Advice matters
The benefits of global diversification in an interconnected world

Diversification of investment doesn’t have to mean just spreading your money across a number of asset classes. Geographical diversification can also be a really important tool to reduce the risk in your portfolio of investments. Here’s why.

Why spread your risk globally?

In the same way that asset classes don’t all move as one, investments spread across a range of countries can also be expected to perform differently, at different points in time.

While one country might be encountering headwinds, another could be flourishing.

This has been evident in the way that inflation has spread across the world. While many economies have had similar issues, and their central banks have responded similarly, the experience has not been uniform. Japan has historically battled deflation and for the Bank of Japan, its concern now is keeping inflation as high as its target – as others battle to bring it down.

Geopolitical risks are also felt unevenly – as we saw when the conflict in Ukraine first broke out.

Many New Zealand investors are heavily skewed towards their home market – even if it is just because their job, business or house are all in New Zealand. Spreading investments into other economies can help to soften the potential impact of a local downturn that affects New Zealand jobs, business and property investments.

One way to determine how much allocation should go to overseas markets is to consider each country’s global market capitalisation weight.

The United States’ equities are just under 60% of the world equity market. The Euro area is just under 10%, Japan about 6%, and Australia about 2[AM1] [S2] %.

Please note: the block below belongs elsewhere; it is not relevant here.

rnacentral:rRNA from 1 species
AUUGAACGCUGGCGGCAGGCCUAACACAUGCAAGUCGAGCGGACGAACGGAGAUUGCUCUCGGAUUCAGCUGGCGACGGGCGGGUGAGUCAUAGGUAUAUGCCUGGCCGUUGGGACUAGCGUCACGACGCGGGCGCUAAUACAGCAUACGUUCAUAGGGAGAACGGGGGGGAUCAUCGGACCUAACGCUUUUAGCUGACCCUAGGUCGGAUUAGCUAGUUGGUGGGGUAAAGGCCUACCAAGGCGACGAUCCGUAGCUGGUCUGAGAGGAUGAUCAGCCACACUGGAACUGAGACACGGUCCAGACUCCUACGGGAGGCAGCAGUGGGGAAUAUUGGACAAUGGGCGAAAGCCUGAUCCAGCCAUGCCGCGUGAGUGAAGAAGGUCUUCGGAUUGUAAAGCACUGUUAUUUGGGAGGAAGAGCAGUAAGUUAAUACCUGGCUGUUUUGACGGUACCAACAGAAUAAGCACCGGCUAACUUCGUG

You can then consider an allocation below this starting point based on your sensitivity to a number of considerations, including volatility reduction, implementation costs, taxes, regulation, and your own preferences.

Diversification is about more than just investing in multinational corporations based in other countries. If you invest in companies domiciled in a range of other countries, it provides a wider range of exposure, to different economies and currencies.

Emerging vs emerged markets

Emerging markets can provide investment opportunities, particularly for those seeking growth investments. As Morningstar notes, according to IMF data, the 24 countries making up the MSCI Emerging Market Index today combined to 13.4% of global nominal GDP in 1988. That number grew to 35.7% by the end of 2022. Over the past 10 years, emerging markets were responsible for 53.3% of the world’s nominal GDP growth.

On the other hand, investing into established, large markets such as the US can give investors from countries like New Zealand access to companies that are on a different scale from those listed locally.

Currency hedging

As part of international investment, you may also need to consider your currency hedging strategy. Currency movements can be a way to add significantly to your investment returns and be a diversification strategy. But swings in the value of currency can also be a risk and it is important to have a clear plan around how these should be handled. Your adviser can help you work out the role of currency hedging in your investment portfolio and options available through various fund managers in the market.

Like to talk?

If it is time to discuss your investment portfolio, and the role that diversification plays within it, get in touch with us. As your advisers, we can help you to determine the right investment strategy for your goals and personal circumstances – and to manage your risk.

Disclaimer: Please note that the content provided in this article is intended as an overview and as general information only. While care is taken to ensure accuracy and reliability, the information provided is subject to continuous change and may not reflect current developments or address your situation. Before making any decisions based on the information provided in this article, please use your discretion and seek independent guidance.